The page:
A Primer on Shock Absorbing CONcrete
What is SACON?
SACON is a cement-like material containing small, cellular voids that collapse under impact to stop and retain bullets. A typical round fired from a military rifle penetrates approximately 3 inches into a SACON block and does not ricochet. SACON, therefore, is an ideal material for the construction of live-fire training ranges and safety barriers. Buildings, walls and villages made from SACON blocks allow military and law enforcement tactical training in a realistic environment with live ammunition.
How is SACON made?
SACON blocks are made using special forms at a precast concrete plant. The process starts by mixing Portland cement, water and fine sand in the correct proportions. Lead immobilizing chemicals and polypropylene fibers are added to the mixture. Finally, an aqueous closed-cell foam is added to reduce the density and compressive strength. The foam reduces the density of SACON about 40% compared to normal concrete.
Who can manufacture SACON?
The patent for SACON is held by the U.S. Army Corps of Engineers. A license is required to manufacture SACON.
What are the Quality Control Specifications for SACON?
There are three primary quality control specifications for SACON:
- The wet density at casting should be 91±3 pounds per cubic foot (lb/ft3) after the fiber and foam have been added to the concrete mixture. Density is the best first indicator of the SACON performance.
- The 28-day laboratory measurement of compressive strength should be 1000±500 pounds per square inch (lb/in2), which is much lower than normal concrete. The density and compressive strength specifications make SACON soft enough to allow the proper penetration of bullets. SACON with a compressive strength up to 2000 lb/in2 can still pass the final depth of penetration test.
- The most important specification for SACON is the bullet absorbing performance. Under realistic conditions (M855 round fired from an M16A2 rifle), a bullet must penetrate 1 to 5 inches into each individual SACON block. If the bullet does not penetrate at least 1 inch, the SACON is too hard and can result in ricochets. Less importantly, if the bullet goes in more than 5 inches, the SACON may be too soft and may erode more quickly under concentrated fire, like a target backstop.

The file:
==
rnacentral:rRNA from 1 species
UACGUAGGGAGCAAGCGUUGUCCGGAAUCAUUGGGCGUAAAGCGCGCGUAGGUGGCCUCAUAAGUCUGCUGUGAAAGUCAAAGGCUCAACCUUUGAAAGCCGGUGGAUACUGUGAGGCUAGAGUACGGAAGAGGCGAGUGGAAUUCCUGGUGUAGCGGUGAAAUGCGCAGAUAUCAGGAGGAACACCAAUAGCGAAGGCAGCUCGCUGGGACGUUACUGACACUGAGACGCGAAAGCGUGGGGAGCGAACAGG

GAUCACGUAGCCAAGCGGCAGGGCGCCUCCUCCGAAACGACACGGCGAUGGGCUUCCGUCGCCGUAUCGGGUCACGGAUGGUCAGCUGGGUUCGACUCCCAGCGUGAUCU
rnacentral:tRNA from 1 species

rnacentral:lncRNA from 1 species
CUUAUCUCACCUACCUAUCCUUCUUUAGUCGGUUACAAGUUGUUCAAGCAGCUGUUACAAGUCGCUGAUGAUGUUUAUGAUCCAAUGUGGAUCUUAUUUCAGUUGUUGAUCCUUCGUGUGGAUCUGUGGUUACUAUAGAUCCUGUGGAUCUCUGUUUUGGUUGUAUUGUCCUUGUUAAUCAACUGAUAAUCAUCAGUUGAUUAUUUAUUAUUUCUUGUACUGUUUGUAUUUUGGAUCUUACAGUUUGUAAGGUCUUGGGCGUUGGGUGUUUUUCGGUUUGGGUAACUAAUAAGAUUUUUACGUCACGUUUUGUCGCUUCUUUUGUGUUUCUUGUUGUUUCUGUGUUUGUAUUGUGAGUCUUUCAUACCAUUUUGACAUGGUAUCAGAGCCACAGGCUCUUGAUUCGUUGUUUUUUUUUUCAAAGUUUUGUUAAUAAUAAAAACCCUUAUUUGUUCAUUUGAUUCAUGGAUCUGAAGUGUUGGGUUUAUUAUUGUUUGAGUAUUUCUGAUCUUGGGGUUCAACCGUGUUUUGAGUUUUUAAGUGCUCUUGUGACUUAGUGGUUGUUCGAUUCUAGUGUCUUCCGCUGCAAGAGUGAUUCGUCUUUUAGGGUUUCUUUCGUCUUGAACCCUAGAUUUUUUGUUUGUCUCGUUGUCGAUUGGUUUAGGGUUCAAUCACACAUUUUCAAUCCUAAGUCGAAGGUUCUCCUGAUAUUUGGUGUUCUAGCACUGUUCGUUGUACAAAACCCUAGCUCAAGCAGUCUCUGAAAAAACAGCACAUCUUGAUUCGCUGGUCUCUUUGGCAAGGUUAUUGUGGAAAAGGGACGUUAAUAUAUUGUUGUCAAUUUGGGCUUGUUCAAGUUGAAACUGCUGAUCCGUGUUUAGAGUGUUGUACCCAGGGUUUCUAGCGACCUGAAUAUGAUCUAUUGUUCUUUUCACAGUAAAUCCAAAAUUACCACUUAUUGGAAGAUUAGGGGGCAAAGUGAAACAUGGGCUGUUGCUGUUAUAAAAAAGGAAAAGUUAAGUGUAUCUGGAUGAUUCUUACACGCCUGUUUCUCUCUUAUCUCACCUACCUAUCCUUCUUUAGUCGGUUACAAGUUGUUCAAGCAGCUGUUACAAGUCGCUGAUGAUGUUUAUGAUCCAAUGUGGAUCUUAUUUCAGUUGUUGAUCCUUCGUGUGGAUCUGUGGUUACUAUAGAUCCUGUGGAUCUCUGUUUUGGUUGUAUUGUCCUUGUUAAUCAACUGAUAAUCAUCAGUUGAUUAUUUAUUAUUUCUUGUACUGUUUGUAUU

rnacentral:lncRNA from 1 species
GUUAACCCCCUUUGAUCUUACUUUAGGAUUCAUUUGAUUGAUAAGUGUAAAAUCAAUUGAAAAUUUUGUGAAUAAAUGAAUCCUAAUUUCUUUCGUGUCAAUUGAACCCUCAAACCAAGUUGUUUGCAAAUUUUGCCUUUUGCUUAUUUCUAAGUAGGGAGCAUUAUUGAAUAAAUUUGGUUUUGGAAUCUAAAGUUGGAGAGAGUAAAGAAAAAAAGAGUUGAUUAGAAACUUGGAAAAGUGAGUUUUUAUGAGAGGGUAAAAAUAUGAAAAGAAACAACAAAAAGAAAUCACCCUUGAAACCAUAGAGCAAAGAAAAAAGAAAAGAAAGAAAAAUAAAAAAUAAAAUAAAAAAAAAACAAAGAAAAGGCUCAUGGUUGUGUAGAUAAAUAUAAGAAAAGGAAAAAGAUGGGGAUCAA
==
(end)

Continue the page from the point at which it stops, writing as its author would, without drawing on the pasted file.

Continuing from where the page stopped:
Specification 03333 lists detailed requirements for the raw materials, mixing proportions and handling of SACON. The most critical material requirement is for the aggregate. The specifications call for a fine or medium sand with all material passing a 3/8 inch screen to prevent ricochets caused by embedded rocks.
The following table shows the mixture proportions for making SACON according to the latest specification.
Mixture Proportions for SACON as Specified in 03333
|Ingredient||Cubic Meter||Cubic Yard|
|Portland Cement||577 kg (1272 lbs)||972 lbs (441 kg)|
|Fine Aggregate (SSD)||577 kg (1272 lbs)||972 lbs (441 kg)|
|Water||277 kg (611 lbs)||466 lbs (211 lb)|
|Calcium Phosphate||5.78 kg (12.7 lbs)||9.72 lbs (4.4 kg)|
|Aluminum Hydroxide||5.78 kg (12.7 lbs)||9.72 lbs (4.4 kg)|
|Foam Stabilizer||0.15 kg (0.33 lb)||0.25 lbs (0.11 kg)|
|Foam (Void System)||0.33 m³ (11.7 cu ft)||9.0 cu ft (0.25 m³)|
|Fiber (choice of) Polypropylene||8.8 kg (19.4 lb)||14.8 lbs (6.7 kg)|
|Density (Without fibers)||1442 kg/m³||90-pcf|
|Density (With polypropylene fibers)||1458 kg/m³||91-pcf|
Other that substituting polypropylene for steel as the fiber binder, the specifications have not changes significantly since SACON was invented.
Over the last 20 years, the increased strength of Portland cement has become an issue with the proportions listed in the 03333 Specification. Most cement consumers (highways, buildings, general construction) clamor for higher strength materials. So the Portland cement suppliers have worked to that end and have succeeded in making stronger cement. This has affected the bullet-absorbing performance of SACON. It is now very difficult to add the full portion of Portland cement called for in the specification and consistently meet the required compressive strength. The mixture proportions must be modified to meet the important shoot test depth of penetration requirement.
The density of the SACON can be adjusted according to the kinetic energy of the projectiles to be captured. For instance, SACON used only for handgun training could have a density of 75-80 lb/ft3 to prevent ricochets from the lower energy rounds. However, density and penetration testing should be conducted with samples of SACON prior to specifying a density for munitions other than the military type rounds.
If you are considering a live-fire shoothouse or gun range, please Contact Terran to discuss you needs, ideas or designs.